A defiant Steve Bannon, former president Donald Trump's long-time advisor, turned himself into the FBI Monday to face charges of contempt of Congress after refusing to testify on the January 6 Capitol assault.
"This is all noise," he said of his indictment, as he arrived at the FBI's Washington field office.
"I want you guys to stay focused on the message," he said, promoting his "War Room" website. "We're taking down the Biden regime."
On Friday, a federal grand jury indicted Bannon, 67, for refusing to testify or supply documents to the House Select Committee investigating the violent attack on the US Congress by Trump supporters on the day it was to certify Joe Biden as the victor in the November 2020 presidential election.
Investigators think Bannon and other aides and advisors to Trump could have information on links between the White House and the supporters who invaded the Capitol.
Bannon was charged with two counts of contempt, each one carrying a penalty of one month to one year in jail.
The indictment was a significant victory for the House Select Committee, which is battling efforts by Trump to use presidential privilege to block the committee from obtaining testimony and documents necessary for the probe.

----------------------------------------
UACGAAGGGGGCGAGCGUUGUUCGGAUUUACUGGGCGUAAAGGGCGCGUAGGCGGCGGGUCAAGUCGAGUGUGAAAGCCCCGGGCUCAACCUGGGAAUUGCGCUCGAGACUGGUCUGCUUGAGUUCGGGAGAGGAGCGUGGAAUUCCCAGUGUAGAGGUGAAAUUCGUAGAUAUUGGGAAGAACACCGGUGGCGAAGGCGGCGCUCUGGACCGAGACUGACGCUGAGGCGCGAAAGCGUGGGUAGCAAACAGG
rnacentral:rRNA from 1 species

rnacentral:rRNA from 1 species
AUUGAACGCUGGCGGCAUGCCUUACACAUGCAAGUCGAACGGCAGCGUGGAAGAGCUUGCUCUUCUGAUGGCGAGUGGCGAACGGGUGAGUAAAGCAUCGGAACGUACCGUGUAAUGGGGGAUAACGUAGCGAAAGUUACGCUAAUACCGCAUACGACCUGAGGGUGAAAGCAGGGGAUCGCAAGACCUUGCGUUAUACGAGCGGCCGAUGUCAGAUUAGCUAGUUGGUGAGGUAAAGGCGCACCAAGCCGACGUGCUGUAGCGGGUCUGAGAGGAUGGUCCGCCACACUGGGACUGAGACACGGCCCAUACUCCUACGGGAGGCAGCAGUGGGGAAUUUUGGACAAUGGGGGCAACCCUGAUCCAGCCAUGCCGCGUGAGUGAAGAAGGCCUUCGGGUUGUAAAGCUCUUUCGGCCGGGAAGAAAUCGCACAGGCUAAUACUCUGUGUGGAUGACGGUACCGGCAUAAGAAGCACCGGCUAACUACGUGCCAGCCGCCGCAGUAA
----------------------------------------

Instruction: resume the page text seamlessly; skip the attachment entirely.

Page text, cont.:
"Steve Bannon's indictment should send a clear message to anyone who thinks they can ignore the Select Committee or try to stonewall our investigation: no one is above the law," said committee chair Bennie Thompson and vice chair Liz Cheney in a statement.
Bannon is expected to appear in court later Monday for an arraignment and will likely be released on bail.
He was among the first of dozens of people who have been called to testify on the violent attack aimed at shutting down Congress over Trump's baseless claims that Biden had won the election due to massive voter fraud.
The attack, during which five people died, succeeded in delaying the joint House-Senate election certification session for several hours.
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